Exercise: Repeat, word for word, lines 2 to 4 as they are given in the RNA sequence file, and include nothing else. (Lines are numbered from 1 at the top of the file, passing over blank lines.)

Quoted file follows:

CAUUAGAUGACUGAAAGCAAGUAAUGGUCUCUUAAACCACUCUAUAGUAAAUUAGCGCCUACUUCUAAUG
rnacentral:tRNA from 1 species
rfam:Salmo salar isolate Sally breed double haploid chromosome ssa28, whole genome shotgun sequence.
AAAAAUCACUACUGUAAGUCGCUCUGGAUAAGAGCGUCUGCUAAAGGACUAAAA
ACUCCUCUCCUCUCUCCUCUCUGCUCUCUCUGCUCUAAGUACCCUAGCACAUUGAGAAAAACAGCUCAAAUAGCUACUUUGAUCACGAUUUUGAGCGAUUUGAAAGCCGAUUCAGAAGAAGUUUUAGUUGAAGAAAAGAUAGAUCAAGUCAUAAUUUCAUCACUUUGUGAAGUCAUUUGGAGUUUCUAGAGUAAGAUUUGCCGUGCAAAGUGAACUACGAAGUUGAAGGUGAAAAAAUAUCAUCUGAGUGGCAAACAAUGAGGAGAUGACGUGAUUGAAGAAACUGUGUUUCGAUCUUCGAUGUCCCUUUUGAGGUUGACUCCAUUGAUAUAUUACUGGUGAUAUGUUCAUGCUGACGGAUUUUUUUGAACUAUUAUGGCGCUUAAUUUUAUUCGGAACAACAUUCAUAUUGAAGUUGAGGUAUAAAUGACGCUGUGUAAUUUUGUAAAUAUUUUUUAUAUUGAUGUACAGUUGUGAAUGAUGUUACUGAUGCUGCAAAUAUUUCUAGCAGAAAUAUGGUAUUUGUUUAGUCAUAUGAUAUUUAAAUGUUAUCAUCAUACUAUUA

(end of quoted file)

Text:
rnacentral:tRNA from 1 species
rfam:Salmo salar isolate Sally breed double haploid chromosome ssa28, whole genome shotgun sequence.
AAAAAUCACUACUGUAAGUCGCUCUGGAUAAGAGCGUCUGCUAAAGGACUAAAA